Lumela, welcome to Lesotho, the "kingdom in the sky"!
Lesotho is the land of the Drakensberg. The hills of the Drakensberg remind of the back of a sleeping dragon. Perhaps that's why the Basotho know many stories about legendary creatures that once roamed their realm.
Locations and Landscapes
Lesotho is one of the highest countries and is entirely landlocked by South Africa. It is situated in the Maluti mountains, that are the other side of the Drakensberg. Lesotho has 300 days of sunshine. The rainy season extends from October to April. In winter from May to September extensive snow falls are possible. It is amazing, that inspite of the cold most huts and houses don't have heating.
Maseru is the capital and largest city of Lesotho. It is located on the Caledon River, situated on the Lesotho-South Africa border. The city was established as a police camp, today it is a modern town with banks, textile industry and flour mills. It has approcimately 300 000 inhabitants. In Maseru, there is the bustling of the local market, when farmers are offering their fruit and livestock, and traders present kitchenware, tools and colorful blankets.
Peoples and Languages
The Basotho are a Bantu speaking people. Isolated in the mountainous world of the Maluti mountains they have preserved their old traditions. The language is Sesotho, but most of the people also speak English. They are a predominantly rural population that survives on subsistence farming. They are a friendly and welcoming people. Most of them are Christian. The Basotho people are famous for the Basotho hat, which is also a symbol on the flag of Lesotho. Traditional musical instruments include lekolulo, a kind of flute used by herding boys.
Festivals and Festivities
Independence Day on 4th of October celebrates the day that Lesotho achieved independence from the British Empire. Moshoeshoe Day an 14th March celebrates the life of the founding father of the country. In Maseru, the procession involves many people dressed up in Lesotho's vibrant and colourful traditional dress, usually comprising blankets and sticks and if you're lucky, the cat hat!
Schools and Education
Almost all Basotho are literate, education is compulsory. The Government of Lesotho is implementing a program for free primary education. The children are educated in English and Sesotho. Most of the schools are not in good condition, there is a lack of well-trained teachers, books and teaching materials. But the government makes great efforts to improve the schooling. The favorite sport is football, for boys and also for girls. By the way: the nickname of the Sesotho Premiere League is likuena, which means "crocodiles".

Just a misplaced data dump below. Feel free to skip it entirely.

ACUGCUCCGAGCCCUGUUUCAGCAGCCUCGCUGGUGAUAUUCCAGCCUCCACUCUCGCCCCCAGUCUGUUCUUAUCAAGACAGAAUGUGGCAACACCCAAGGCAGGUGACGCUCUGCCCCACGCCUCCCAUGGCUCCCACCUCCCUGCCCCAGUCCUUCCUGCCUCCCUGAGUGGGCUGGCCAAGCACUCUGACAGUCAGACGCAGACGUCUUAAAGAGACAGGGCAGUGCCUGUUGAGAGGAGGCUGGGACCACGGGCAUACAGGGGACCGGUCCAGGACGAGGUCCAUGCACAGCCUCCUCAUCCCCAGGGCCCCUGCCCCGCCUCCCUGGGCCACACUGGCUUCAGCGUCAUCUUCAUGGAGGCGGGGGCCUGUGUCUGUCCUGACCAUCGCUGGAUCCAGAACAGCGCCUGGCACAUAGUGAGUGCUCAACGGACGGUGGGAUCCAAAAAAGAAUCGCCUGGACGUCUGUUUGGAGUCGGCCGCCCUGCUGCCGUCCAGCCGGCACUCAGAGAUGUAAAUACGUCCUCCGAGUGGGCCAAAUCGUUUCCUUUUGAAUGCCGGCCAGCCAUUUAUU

Animals of Lesotho
The Lesothosaurus, the dinosaur of Lesotho is extincted, but its traces can still be visited today! The fossils of an unknown dinosaur were discovered in 1978. The Lesothosaurus lived in the early Jurassic period, about 200 million years ago. The Lesothosaurus was an early birdhipped dino, it was small and lightly built. It was about 1 m long and would have come up to the thigh of a 2 m person. The dino was lizard-like in that it walked on two long legs and short arms. He had a small head, these dinos were herbivores and had teeth designed for shredding plants.
Any trip to Lesotho is highlighted by a visit to Katse Dam. Activities at Katse can include any of the following: tour of the dam wall, a boat trip on Katse Dam, a wander around Katse Botanical gardens or a couples of hours of horse riding. Rock art of the San people can be found in many places throughout the country, the most impressive are within Liphofung Cave. Well-preserved dinosaur footprints exist around the country; the most accessible are near Moyeni and Morija. Pony-Trekking at the Basotho Pony-Trekking Centre is an enjoyable way to see the Lesotho countryside!
Economy and Natural Resources
In centuries gone by, the people of Lesotho have repeated a solitary and isolated life, mainly farming, ever since. Two-thirds of the country's income is coming from the agriculture. Natural resources are diamonds and water. Water is utilised through the Lesotho Highlands Water Project which transfers water from the Orange River to South Africa, especially to the greater Johannesburg area.
The first inhabitants of Lesotho were the San, who left their traces in many rock paintings. The Sotho-Tswana people moved into the area only a thousand years later. They lived in what is now South Africa. They were a farming people. When the Zulus started attacking villages, they fled up into the Lesotho mountains. Here, continuous attacks from the Zulus forced local tribes to join together for protection. By 1824, King Moeshoeshoe had established himself as king. He lived in Thaba Bosiu, a mountain fortress near by Maseru. The locals called it mountain of the night believing the mountain would grow during the night making it impossible for enemies to attack the kingdom.
Lesotho became a Protectorate of the British Empire
Moeshoeshoe later allied himself with the British Cape Colony government in a bid to protect the Basotho from the Dutch Voortrekkers who started encroaching on their land. Much fighting followed. In 1868 Basotholand became a protectorate of the British Empire. It gained independence within the British Commonwealth on 4 Oct 1966.
Lesotho is a constitutional monarchy, which means not the king but the parliament determines politicis. The Kingdom of Lesotho was formed through the pursuit of peace, and this peaceful nature still exists in the Basotho. Half of Lesotho’s population survives on less than $1.25 a day. Though the average income is very low, Lesotho holds one of the highest literacy rates in Africa. The government tries to improve education and schooling, to reduce child labour. Lesotho is a beautiful country with stunning landscapes. Thats why the government is promoting tourism, hotels and ski resorts are built, which will provide for better paid jobs.